Simon Penson with swanson at nature.berkeley.edu (Sarah Swanson)
on Mon, 23 Jan 1995 09:01:23 wrote
> I'm looking at the possibility of using antibodies to phosphorylated amino
> acids as an alternative to radiolabelling in studies of protein
> phosphorylation. Has anyone got any tips/comments about this, especially
> regarding the specificity of the antibodies.
>> Simon Penson
> Plant Biology Dept,
> UC Berkeley.
Antiphosphotyrosine is widely and successfully used, especially for
immunoprecipitation and Western Blotting.
My student Bob Wheelock has tested a number of different
commercially-available antibodies and found that monoclonal 4G10 from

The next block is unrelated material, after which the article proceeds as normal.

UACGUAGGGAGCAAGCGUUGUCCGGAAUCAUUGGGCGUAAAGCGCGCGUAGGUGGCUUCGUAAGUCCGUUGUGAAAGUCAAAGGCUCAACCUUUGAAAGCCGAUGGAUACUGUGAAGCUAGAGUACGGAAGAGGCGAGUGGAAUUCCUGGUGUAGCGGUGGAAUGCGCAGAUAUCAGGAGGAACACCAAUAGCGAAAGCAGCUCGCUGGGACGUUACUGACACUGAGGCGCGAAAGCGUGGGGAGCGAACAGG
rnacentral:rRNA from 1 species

Upstate Biotechnology was the most efficient at
immunoprecipitating and blotting phosphoproteins from mouse and human
cell lines. Proteins can be eluted from precipitates easily and
gently with phenyl phosphate. WRT specificity, we do occasionally
find a band or 2 on gels that antiPT binds to even in the presence of
phenyl phosphate, which is one control for specificity.
I understand that antiphosphoserine and threonine are starting to be
used, but so far with less success. I'd like to hear if others are
finding them useful.